As we covered above, the NBA's current financial model calls for the players to receive between 49 and 51% of BRI. A cap spike doesn't change that. It just changes the figure that 49 to 51% is based off. If BRI drastically increases all at once, the current model dictates that the cap would follow. But if both sides agreed, it wouldn't have to. The NBA and its players could agree to spread the necessary growth in the cap over multiple seasons or compromise on an alternative that allocates revenue through some channel other than the salary cap. This would prevent the cap from jumping drastically in one offseason and disperse revenue amongst the entire player pool more evenly.
This, broadly, is what cap smoothing is all about. There are a number of possible forms that this could take. Let's say an artificially reduced salary cap led to players receiving 45% of BRI rather than 49%. There is no reason the league couldn't agree to make up that difference to the players in form of a end-of-season bonus. That 4% gap could be doled completely evenly, with every player in the NBA receiving an identical bonus, or it could be given as a percentage of each player's salary so that more expensive ones receive a greater share of the available revenue. They don't need to stop at 49%, either. So long as the players and owners agree, anything is on the table.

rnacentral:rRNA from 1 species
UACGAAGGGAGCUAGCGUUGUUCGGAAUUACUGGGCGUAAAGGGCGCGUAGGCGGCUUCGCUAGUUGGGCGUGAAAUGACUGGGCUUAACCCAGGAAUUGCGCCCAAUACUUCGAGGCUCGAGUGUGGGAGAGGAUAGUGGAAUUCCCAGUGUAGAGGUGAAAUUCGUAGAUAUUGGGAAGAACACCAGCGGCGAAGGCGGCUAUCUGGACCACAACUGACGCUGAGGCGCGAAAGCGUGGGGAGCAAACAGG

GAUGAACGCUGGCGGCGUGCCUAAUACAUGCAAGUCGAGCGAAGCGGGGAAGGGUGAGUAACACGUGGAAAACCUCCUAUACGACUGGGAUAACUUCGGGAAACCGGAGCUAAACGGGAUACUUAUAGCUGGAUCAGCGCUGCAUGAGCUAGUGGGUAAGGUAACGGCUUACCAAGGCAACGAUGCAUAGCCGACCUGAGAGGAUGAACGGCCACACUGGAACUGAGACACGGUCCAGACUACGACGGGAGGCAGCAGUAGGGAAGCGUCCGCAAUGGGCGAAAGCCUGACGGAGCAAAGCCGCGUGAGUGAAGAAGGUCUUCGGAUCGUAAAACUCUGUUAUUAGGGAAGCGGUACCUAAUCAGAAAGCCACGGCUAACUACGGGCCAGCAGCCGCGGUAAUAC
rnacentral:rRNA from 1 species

The Forbes report on Sunday indicated that if the union does agree to smoothing, "it's likely the league will still see annual increases to the extent of $15 million." This is another possible form smoothing could take, and it is the more practical application of the term. The NBA and its players could set the cap at agreed-upon numbers multiple years in advance at a level that might not be as high as it otherwise could be with the idea that those lost short-term earnings would be made up for over time due to sustained and guaranteed growth in the cap.
The players, as a group, could still receive all of the money they are owed. It would just be given to them in ways that wouldn't have such a drastic effect on roster-building and the league's on-court product. In the process, they could ensure a fairer division of this new revenue amongst all of its players rather than a smaller, luckier group of them.